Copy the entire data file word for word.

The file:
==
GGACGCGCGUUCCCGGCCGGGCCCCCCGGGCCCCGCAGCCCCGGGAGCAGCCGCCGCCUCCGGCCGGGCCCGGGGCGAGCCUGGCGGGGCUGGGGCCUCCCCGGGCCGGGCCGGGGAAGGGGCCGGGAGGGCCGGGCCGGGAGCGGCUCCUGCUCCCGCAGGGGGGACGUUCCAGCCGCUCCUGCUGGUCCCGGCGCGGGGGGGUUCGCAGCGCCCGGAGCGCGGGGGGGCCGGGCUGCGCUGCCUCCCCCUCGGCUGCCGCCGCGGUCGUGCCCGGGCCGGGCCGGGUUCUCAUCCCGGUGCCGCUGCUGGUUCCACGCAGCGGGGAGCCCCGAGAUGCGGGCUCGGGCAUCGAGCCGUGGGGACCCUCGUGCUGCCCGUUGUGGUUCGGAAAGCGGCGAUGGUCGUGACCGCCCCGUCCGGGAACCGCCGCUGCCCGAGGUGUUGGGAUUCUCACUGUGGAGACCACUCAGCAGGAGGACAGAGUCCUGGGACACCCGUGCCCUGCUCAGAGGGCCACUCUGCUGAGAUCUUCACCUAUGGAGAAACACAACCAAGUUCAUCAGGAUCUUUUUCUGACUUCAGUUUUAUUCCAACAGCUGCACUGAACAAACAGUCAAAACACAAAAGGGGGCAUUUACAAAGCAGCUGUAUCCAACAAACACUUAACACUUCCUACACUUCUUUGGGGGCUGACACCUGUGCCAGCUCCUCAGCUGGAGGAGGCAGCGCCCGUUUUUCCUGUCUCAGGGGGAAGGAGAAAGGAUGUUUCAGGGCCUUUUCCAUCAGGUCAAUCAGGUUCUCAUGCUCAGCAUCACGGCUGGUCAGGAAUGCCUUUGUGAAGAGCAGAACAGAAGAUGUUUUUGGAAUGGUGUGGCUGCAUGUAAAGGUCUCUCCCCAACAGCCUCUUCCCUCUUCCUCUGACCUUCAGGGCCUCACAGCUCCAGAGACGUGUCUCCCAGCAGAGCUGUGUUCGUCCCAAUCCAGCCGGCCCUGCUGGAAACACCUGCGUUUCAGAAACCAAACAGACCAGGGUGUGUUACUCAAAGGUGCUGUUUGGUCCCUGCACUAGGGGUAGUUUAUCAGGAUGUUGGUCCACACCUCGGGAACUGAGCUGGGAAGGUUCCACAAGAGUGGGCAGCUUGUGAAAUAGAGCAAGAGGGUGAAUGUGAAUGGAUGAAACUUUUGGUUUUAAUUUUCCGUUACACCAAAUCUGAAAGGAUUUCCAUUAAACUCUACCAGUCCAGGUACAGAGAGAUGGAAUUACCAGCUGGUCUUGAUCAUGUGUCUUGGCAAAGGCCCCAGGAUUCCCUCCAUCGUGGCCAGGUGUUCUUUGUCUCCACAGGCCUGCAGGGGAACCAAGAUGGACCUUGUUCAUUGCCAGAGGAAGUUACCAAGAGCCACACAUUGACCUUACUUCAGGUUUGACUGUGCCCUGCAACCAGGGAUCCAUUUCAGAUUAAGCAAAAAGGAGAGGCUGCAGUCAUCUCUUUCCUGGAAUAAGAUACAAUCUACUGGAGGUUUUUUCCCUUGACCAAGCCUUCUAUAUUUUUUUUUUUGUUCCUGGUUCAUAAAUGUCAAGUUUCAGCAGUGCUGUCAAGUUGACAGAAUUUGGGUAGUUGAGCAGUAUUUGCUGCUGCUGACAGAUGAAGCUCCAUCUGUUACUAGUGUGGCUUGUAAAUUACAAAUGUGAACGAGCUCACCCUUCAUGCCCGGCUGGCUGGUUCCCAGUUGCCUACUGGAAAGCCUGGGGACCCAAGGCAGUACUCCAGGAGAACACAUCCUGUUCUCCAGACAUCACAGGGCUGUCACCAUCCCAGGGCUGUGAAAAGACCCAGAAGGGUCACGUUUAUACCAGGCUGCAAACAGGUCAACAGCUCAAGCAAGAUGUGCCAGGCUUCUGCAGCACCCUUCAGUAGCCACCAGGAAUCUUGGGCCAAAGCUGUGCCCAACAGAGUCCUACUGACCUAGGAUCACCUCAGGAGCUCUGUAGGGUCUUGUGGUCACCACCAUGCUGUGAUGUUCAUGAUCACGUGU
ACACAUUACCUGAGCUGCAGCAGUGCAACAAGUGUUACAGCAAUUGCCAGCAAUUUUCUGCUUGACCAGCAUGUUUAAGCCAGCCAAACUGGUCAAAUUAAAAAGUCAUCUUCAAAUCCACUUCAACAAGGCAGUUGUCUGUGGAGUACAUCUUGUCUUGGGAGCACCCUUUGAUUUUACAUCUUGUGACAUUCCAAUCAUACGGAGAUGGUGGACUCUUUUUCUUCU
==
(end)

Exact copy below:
GGACGCGCGUUCCCGGCCGGGCCCCCCGGGCCCCGCAGCCCCGGGAGCAGCCGCCGCCUCCGGCCGGGCCCGGGGCGAGCCUGGCGGGGCUGGGGCCUCCCCGGGCCGGGCCGGGGAAGGGGCCGGGAGGGCCGGGCCGGGAGCGGCUCCUGCUCCCGCAGGGGGGACGUUCCAGCCGCUCCUGCUGGUCCCGGCGCGGGGGGGUUCGCAGCGCCCGGAGCGCGGGGGGGCCGGGCUGCGCUGCCUCCCCCUCGGCUGCCGCCGCGGUCGUGCCCGGGCCGGGCCGGGUUCUCAUCCCGGUGCCGCUGCUGGUUCCACGCAGCGGGGAGCCCCGAGAUGCGGGCUCGGGCAUCGAGCCGUGGGGACCCUCGUGCUGCCCGUUGUGGUUCGGAAAGCGGCGAUGGUCGUGACCGCCCCGUCCGGGAACCGCCGCUGCCCGAGGUGUUGGGAUUCUCACUGUGGAGACCACUCAGCAGGAGGACAGAGUCCUGGGACACCCGUGCCCUGCUCAGAGGGCCACUCUGCUGAGAUCUUCACCUAUGGAGAAACACAACCAAGUUCAUCAGGAUCUUUUUCUGACUUCAGUUUUAUUCCAACAGCUGCACUGAACAAACAGUCAAAACACAAAAGGGGGCAUUUACAAAGCAGCUGUAUCCAACAAACACUUAACACUUCCUACACUUCUUUGGGGGCUGACACCUGUGCCAGCUCCUCAGCUGGAGGAGGCAGCGCCCGUUUUUCCUGUCUCAGGGGGAAGGAGAAAGGAUGUUUCAGGGCCUUUUCCAUCAGGUCAAUCAGGUUCUCAUGCUCAGCAUCACGGCUGGUCAGGAAUGCCUUUGUGAAGAGCAGAACAGAAGAUGUUUUUGGAAUGGUGUGGCUGCAUGUAAAGGUCUCUCCCCAACAGCCUCUUCCCUCUUCCUCUGACCUUCAGGGCCUCACAGCUCCAGAGACGUGUCUCCCAGCAGAGCUGUGUUCGUCCCAAUCCAGCCGGCCCUGCUGGAAACACCUGCGUUUCAGAAACCAAACAGACCAGGGUGUGUUACUCAAAGGUGCUGUUUGGUCCCUGCACUAGGGGUAGUUUAUCAGGAUGUUGGUCCACACCUCGGGAACUGAGCUGGGAAGGUUCCACAAGAGUGGGCAGCUUGUGAAAUAGAGCAAGAGGGUGAAUGUGAAUGGAUGAAACUUUUGGUUUUAAUUUUCCGUUACACCAAAUCUGAAAGGAUUUCCAUUAAACUCUACCAGUCCAGGUACAGAGAGAUGGAAUUACCAGCUGGUCUUGAUCAUGUGUCUUGGCAAAGGCCCCAGGAUUCCCUCCAUCGUGGCCAGGUGUUCUUUGUCUCCACAGGCCUGCAGGGGAACCAAGAUGGACCUUGUUCAUUGCCAGAGGAAGUUACCAAGAGCCACACAUUGACCUUACUUCAGGUUUGACUGUGCCCUGCAACCAGGGAUCCAUUUCAGAUUAAGCAAAAAGGAGAGGCUGCAGUCAUCUCUUUCCUGGAAUAAGAUACAAUCUACUGGAGGUUUUUUCCCUUGACCAAGCCUUCUAUAUUUUUUUUUUUGUUCCUGGUUCAUAAAUGUCAAGUUUCAGCAGUGCUGUCAAGUUGACAGAAUUUGGGUAGUUGAGCAGUAUUUGCUGCUGCUGACAGAUGAAGCUCCAUCUGUUACUAGUGUGGCUUGUAAAUUACAAAUGUGAACGAGCUCACCCUUCAUGCCCGGCUGGCUGGUUCCCAGUUGCCUACUGGAAAGCCUGGGGACCCAAGGCAGUACUCCAGGAGAACACAUCCUGUUCUCCAGACAUCACAGGGCUGUCACCAUCCCAGGGCUGUGAAAAGACCCAGAAGGGUCACGUUUAUACCAGGCUGCAAACAGGUCAACAGCUCAAGCAAGAUGUGCCAGGCUUCUGCAGCACCCUUCAGUAGCCACCAGGAAUCUUGGGCCAAAGCUGUGCCCAACAGAGUCCUACUGACCUAGGAUCACCUCAGGAGCUCUGUAGGGUCUUGUGGUCACCACCAUGCUGUGAUGUUCAUGAUCACGUGU
ACACAUUACCUGAGCUGCAGCAGUGCAACAAGUGUUACAGCAAUUGCCAGCAAUUUUCUGCUUGACCAGCAUGUUUAAGCCAGCCAAACUGGUCAAAUUAAAAAGUCAUCUUCAAAUCCACUUCAACAAGGCAGUUGUCUGUGGAGUACAUCUUGUCUUGGGAGCACCCUUUGAUUUUACAUCUUGUGACAUUCCAAUCAUACGGAGAUGGUGGACUCUUUUUCUUCU